16 X 20 in. | 1 Color Screen Print
100lb French Cover
Bio: Amanda Martínez (b. 1988, Greenville, SC) Lives and works in Brooklyn, NY. She received her BFA from Kansas City Art Institute in 2010. In spring of 2018 she had a solo exhibition New Wave at VICTORI + MO Gallery in Brooklyn, New York. She has participated in recent group shows across the US including This Body curated by VICTORI+MO at Garis & Hahn in Los Angeles, CA; Real Shapes at Dateline in Denver, CO; No Vacancy 3 curated by ALT+ESC in Brooklyn, NY; Surface Tension at E.TAY Gallery in New York, NY; N.A.D.A. New York Fair 2017 with yours mine & ours Gallery; Transforming Milk into Milk curated by Derrick Velasquez at Redline Contemporary Art Center in Denver, CO; Murmur curated by John Zane Zappas at Left Field Gallery in San Luis Obispo, CA and Forms and Fictions at Satellite Art Fair in Miami, FL with Platform Gallery of Baltimore, MD. In addition, Martinez has been an artist-in-residence at The Wassaic Project Residency, Wassaic, NY; Starry Night Residency, Truth or Consequences, NM; and Urban Culture Project, Kansas City, MO. Martinez's work has received press in The New York Times, The Kansas City Star, ArtFCity, Westword, Bmore Art and City Paper of Baltimore. She has forthcoming solo exhibitions in 2019.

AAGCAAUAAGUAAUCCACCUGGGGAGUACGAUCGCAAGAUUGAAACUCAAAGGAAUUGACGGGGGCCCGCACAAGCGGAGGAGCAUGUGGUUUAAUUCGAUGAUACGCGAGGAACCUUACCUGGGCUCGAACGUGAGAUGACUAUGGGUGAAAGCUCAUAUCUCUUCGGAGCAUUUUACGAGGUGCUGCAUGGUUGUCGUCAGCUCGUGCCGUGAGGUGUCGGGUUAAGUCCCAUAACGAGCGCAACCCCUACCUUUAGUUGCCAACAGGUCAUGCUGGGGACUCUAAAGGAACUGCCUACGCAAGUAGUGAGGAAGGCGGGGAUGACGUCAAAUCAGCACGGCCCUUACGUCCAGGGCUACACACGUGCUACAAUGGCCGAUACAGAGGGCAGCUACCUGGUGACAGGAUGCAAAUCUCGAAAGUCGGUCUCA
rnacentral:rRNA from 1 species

Print: The drawing I made for this print is a simple, interlocking form. It started as a square but became rounded and open. I thought this form conveyed an interconnectedness but also an interdependence that is the core of the text I wrote out for this poster: "The rights of womyn affect us all". It was first of all important to me to use the inclusive spelling of "womyn", as feminism has to be fully welcoming to all who identify as women; not just those who are born female. The phrase itself is reflective of the fact that if women are not taken care of properly within a society (meaning equal access to health care, education, employment and opportunity for independence), it has a domino effect on all others. I believe the state of affairs for women is a barometer by which equality and progress can be measured within all cultures.
Charity: I chose to donate all proceeds from the sale of my poster to the National Indigenous Women's Resource Center for the primary reason that within our own country which already has its share of issues regarding its treatment of women, the rights and concerns of Native American women continue to not be seen or heard; even within the context of the contemporary feminist dialogue. Native women go missing at alarming rates and their exposure to abuse, neglect and lack of opportunity is compounded by the United States' overall treatment of Native Sovereign Nations. The NIWRC is an umbrella resource that works with smaller, more subdivided groups that focus down even to individual tribes' needs. They work to protect the rights of Native women with legal resources, counseling and education. They also work with Native women to maintain the guardianship and care of their children when outside parties may threaten their relationship and/or rights. Though they continue to be overlooked, I believe the rights of Native American women (and by association all indigenous peoples) should be among the forefront of our concerns in the US as we are all currently standing on Native land. Donate to the National Indigenous Women’s Resource Center